The genius US manifesto idea we need here
This headline caught my eye from the US website Salon:
I have to confess that I didn’t know that Lessig – a law professor at Harvard Law School and political activist with a particular interest in technology – was even running for President. But he is, in a way.
Salon’s article is a (credited) rip-off of an interview that Lessig did with the Huffington Post (‘Larry Lessig Believes Democracy Is Screwed. So He’s Running For President To Save It’ – so there’s definitely a style to American clickbait headline writing).
Lessig has a long interest in how technology can change politics, and the conflicts between progress in the former and the lack of progress in the latter. Last year he launched a crowd-funded political action committee, Mayday PAC, whose aim was to help elect candidates to Congress who would pass campaign finance reform. He’s also a founding board member of Creative Commons, and a former board member of the Free Software Foundation and the Electronic Frontier Foundation (if you’re interested, he also turns up in a great documentary on Aaron Swartz, the computer programmer, entrepreneur and political organiser who died tragically young).
Anyway, back to Lessig’s idea. To quote from the HuffPo piece, it’s to pass a single piece of legislation, namely:
“[T]he Citizen Equality Act, which includes campaign finance reform, an end to partisan gerrymandering, and a vast expansion of voting access that would make Election Day a national holiday. Should he win and lead the passage of that agenda, Lessig said he’ll promptly quit, handing the office to his vice president, whoever that may be.”
You can watch Lessig’s announcement video here, where he talks about the need to address not just economic and racial inequality but first and foremost the inequality of citizenship, which is to say the influence of money in politics and how this corrupts everything else, including helping to drive down voter turnout, so ensuring the continuance of corporate power determining political decision-making.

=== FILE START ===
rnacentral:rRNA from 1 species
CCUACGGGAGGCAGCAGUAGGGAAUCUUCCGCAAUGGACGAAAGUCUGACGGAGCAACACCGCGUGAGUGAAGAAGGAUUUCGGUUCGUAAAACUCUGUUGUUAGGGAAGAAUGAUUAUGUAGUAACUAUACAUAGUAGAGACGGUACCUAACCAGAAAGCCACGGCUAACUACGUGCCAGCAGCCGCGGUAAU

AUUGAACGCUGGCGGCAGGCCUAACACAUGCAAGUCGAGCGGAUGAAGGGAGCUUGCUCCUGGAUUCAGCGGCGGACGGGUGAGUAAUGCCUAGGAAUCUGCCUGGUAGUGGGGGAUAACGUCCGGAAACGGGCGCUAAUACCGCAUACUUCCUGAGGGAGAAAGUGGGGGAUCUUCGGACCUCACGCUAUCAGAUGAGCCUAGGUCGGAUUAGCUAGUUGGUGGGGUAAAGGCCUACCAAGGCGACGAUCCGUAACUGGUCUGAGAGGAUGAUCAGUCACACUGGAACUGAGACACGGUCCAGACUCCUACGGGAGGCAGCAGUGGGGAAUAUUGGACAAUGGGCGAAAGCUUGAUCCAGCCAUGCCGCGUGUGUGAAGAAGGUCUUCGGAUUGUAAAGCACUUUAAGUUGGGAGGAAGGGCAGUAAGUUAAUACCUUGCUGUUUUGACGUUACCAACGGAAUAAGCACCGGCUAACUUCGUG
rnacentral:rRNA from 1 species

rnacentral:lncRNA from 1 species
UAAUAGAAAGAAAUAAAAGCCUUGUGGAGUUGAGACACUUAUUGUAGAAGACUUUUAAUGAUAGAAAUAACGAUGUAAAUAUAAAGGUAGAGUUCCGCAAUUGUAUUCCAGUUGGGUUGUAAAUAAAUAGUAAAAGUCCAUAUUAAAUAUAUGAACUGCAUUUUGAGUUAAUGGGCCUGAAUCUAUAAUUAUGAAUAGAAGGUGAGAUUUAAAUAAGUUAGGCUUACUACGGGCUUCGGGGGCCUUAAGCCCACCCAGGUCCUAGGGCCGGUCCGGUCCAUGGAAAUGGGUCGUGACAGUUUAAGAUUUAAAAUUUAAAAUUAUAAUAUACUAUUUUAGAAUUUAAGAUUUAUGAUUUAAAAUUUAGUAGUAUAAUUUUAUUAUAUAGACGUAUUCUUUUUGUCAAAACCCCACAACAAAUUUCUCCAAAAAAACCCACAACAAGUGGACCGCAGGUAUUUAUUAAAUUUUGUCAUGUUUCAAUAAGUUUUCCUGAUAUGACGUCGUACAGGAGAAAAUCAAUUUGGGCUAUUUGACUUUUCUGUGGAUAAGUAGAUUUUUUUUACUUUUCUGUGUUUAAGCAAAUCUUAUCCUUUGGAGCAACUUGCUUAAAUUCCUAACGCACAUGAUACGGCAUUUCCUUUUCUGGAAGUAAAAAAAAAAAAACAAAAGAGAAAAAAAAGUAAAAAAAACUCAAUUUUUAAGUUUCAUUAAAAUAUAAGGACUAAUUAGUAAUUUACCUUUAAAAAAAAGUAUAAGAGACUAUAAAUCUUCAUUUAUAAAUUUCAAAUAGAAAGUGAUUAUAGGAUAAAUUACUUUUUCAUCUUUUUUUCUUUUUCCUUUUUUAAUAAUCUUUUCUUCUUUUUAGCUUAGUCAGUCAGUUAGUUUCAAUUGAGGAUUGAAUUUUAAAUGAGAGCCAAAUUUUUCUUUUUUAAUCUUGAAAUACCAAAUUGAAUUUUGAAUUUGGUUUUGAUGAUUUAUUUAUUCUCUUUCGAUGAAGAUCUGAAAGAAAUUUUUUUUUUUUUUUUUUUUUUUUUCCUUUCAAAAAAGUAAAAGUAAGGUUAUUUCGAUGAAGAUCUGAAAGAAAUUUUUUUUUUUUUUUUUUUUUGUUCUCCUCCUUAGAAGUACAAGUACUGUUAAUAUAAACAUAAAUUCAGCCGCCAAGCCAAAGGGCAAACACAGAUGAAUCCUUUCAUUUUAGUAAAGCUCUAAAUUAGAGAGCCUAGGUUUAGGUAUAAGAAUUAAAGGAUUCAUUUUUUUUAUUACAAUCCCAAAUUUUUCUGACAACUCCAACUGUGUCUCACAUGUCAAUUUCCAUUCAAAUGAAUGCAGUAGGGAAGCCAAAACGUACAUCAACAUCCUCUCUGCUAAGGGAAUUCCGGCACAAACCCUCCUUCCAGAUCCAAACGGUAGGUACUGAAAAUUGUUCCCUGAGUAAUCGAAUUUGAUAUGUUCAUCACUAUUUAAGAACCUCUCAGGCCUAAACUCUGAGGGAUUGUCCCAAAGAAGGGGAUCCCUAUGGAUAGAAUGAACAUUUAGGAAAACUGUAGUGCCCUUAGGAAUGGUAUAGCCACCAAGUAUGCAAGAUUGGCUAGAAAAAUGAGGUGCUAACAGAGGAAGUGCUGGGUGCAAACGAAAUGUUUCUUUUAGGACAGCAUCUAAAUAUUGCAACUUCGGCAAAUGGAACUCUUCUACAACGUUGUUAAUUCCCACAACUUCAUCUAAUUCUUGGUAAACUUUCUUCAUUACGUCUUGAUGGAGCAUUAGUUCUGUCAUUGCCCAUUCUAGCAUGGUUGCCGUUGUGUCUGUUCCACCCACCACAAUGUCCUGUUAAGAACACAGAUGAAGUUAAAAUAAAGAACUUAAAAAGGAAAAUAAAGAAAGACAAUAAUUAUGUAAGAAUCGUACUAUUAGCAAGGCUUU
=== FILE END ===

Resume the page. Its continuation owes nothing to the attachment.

Last year’s Mayday PAC didn’t work, but Lessig has learned lessons from this experience, especially that the fundamental barrier to change is whether people believe that change is possible (guess who benefits when we don’t think it is?)
To Lessig’s thinking, it’s less a single issue campaign, more an uber issue one: unless Americans can find a way to confront the influence of money in politics then nothing else can get done, particularly anything progressive. It’s also a tactical one, since the idea is to raise $1 million (a pretty small amount in US politics of course) via small donations by Labor Day (the first Monday in September), then build a campaign structure and figure out how to share a stage with fellow Democratic Presidential candidates in order to get them to adopt the same policies.
US politics is of course notoriously saturated and directed by big money. But British politics has its own money problem. As the Electoral Reform Society has stated: “British politics is being polluted by big money. Scandal after scandal reveals an ever growing arms race, where voters often appear to come second to big donors. Left to themselves the big parties have failed to find a solution.”
The Society’s own polling has found that:
- 75% of the public believe that big donors have too much influence on political parties
- 65% believe that party donors can effectively buy knighthoods and other honours
- 61% believe that the system of party funding is corrupt and should be changed.
The Electoral Reform Society has proposed three main solutions (all of which have been recommended by previous committees looking into party funding):
- A cap on the amount that anyone can donate to a party
- Increased public funding for parties, bringing the UK into line with other advanced democracies
- A cap on the amount that parties are allowed to spend, to end the ‘arms race’.
Moreover, what Lawrence Lessig’s campaign points to is how big money effectively closes down what the public thinks is possible from politics, whoever they might vote for – the most plausible single explanation I can think of for why public opinion surveys often suggest popular support for some progressive policies (though this has declined since the financial crisis), yet the Tories keep getting elected and the political agenda seems to move ever rightwards.
As a result, the first job of any progressive politician must be to persuade the public of the opposite, and that surely depends on setting out a few big bold proposals for how to get money out of politics. Another way of putting it: Labour’s much-discussed problem with ‘economic credibility’ is really second to a deeper and more fundamental problem with political credibility.
Lessig knows his campaign is a long shot, but says he thinks there’s a chance that even a failing campaign could call attention to an issue that the public will rally around:
“What you’ve got to do is intervene in a way that gets them away from the resignation that nothing is possible …This is a campaign about how we need to intervene to make democracy possible again.”
Nothing matters more than that, really.
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